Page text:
Many thanks. The joists in the roof are conveniently flooring joists and will easily withstand the weight (jointer checked when he was round doing another job). Many thanks for the advice on the four year rule. I'll go down this path.

              Cheers

              Comment


                #8
                I would establish the legal use of the terrace with the Planners first the get the structure / handrail details approved by Building Control.
                There is always scope for misinterpretation.

                If my posts can be interpreted in two ways, one that makes you feel angry and one that doesn't, I meant the latter.

                Everyday is an opportunity to learn something new.

                Comment

                Latest Activity

                Collapse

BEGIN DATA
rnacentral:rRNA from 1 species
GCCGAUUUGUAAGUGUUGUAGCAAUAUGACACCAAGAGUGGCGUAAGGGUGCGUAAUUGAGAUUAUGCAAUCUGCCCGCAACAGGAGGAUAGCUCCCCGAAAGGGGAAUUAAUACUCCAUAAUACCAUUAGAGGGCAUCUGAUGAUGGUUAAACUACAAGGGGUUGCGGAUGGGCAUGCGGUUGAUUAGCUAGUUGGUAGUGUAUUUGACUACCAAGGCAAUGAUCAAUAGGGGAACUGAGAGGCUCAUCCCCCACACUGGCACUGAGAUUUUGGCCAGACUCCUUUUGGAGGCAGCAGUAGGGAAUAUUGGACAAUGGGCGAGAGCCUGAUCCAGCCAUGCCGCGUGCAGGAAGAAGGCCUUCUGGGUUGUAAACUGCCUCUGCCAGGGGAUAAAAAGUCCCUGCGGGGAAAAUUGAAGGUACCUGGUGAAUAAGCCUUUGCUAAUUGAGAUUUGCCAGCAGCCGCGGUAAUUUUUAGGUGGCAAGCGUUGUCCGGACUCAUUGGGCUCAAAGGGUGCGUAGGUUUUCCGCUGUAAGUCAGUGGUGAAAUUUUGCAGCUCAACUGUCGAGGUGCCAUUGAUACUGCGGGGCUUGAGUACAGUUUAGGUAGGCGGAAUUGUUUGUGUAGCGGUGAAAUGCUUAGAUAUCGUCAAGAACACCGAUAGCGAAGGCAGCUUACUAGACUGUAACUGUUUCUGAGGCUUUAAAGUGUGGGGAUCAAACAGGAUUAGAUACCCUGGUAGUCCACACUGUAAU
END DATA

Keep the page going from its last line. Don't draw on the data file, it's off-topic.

• Development permission over shared access
                  by Davidwd
                  I have an unusual situation, I live in a property in a private cut de sac of 5 properties. Property No.1 owns the substrate of the driveway and the other 4 properties own the surface and have right of way over the driveway. Property No.1 wants to build another house on their land and use the driveway...
                  29-03-2020, 16:56 PM
                • Reply to Development permission over shared access
                  by royw
                  If they have right of access over the road then yes they can, a house built in the garden also has that right.
                  29-03-2020, 21:35 PM
                • Reply to Development permission over shared access
                  by pilman